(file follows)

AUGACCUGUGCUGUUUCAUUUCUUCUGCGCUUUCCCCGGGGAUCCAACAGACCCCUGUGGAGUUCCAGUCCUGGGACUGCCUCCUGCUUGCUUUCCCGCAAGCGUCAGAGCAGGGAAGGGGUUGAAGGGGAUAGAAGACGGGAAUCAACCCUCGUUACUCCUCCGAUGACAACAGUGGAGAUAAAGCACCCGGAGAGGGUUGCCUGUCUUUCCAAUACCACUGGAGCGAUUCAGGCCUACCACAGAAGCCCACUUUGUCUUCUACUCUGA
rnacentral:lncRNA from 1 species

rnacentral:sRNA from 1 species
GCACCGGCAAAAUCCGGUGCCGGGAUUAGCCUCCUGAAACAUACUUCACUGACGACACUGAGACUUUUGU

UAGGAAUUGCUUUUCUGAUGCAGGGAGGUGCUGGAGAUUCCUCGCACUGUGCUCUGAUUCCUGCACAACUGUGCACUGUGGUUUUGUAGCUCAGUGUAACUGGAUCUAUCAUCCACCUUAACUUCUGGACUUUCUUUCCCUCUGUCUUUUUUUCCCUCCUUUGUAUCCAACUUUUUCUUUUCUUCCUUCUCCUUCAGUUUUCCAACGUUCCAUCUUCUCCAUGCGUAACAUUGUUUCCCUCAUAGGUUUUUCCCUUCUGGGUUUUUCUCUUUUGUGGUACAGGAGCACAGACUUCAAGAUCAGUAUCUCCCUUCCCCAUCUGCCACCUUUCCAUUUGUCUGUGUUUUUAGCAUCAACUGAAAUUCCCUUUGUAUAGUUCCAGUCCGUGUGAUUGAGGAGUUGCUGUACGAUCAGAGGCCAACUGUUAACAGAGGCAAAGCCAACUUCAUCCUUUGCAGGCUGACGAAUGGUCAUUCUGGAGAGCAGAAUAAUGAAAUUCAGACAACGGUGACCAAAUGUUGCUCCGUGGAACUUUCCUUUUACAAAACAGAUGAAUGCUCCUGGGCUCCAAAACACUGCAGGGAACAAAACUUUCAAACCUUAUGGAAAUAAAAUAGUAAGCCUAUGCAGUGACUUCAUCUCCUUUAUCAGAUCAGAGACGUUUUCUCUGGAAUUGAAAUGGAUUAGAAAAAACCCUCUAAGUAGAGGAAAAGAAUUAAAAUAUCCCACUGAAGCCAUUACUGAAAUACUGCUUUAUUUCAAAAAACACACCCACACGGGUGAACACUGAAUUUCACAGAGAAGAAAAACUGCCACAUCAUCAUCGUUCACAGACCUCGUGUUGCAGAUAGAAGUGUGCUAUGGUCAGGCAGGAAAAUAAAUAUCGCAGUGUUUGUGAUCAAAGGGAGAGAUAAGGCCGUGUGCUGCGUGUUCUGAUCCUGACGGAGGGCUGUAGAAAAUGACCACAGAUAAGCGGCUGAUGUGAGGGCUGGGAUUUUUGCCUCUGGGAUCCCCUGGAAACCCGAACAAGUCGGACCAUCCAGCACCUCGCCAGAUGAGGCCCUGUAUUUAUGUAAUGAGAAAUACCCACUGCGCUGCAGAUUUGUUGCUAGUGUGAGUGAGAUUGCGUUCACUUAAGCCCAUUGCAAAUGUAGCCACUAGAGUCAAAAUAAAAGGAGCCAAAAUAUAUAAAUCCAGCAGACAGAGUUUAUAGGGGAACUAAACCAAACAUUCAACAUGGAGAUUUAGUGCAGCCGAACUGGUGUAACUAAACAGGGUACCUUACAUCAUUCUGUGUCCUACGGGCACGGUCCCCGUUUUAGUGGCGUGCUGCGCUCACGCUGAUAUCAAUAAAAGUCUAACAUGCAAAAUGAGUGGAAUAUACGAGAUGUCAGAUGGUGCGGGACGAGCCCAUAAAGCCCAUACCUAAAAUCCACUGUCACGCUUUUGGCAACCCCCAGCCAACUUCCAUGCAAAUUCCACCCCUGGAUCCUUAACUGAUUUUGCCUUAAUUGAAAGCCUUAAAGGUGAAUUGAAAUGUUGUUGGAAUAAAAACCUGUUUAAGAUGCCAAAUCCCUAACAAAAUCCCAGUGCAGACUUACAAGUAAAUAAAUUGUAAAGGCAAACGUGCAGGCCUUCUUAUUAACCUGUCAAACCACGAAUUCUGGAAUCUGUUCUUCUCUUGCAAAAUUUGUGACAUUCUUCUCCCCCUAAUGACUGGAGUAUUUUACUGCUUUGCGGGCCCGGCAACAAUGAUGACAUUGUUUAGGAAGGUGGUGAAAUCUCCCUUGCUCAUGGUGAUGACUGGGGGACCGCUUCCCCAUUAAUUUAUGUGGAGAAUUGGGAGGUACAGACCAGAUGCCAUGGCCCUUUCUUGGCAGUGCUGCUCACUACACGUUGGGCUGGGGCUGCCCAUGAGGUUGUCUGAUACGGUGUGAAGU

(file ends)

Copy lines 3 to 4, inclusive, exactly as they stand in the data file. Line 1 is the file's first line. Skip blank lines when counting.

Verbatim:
rnacentral:sRNA from 1 species
GCACCGGCAAAAUCCGGUGCCGGGAUUAGCCUCCUGAAACAUACUUCACUGACGACACUGAGACUUUUGU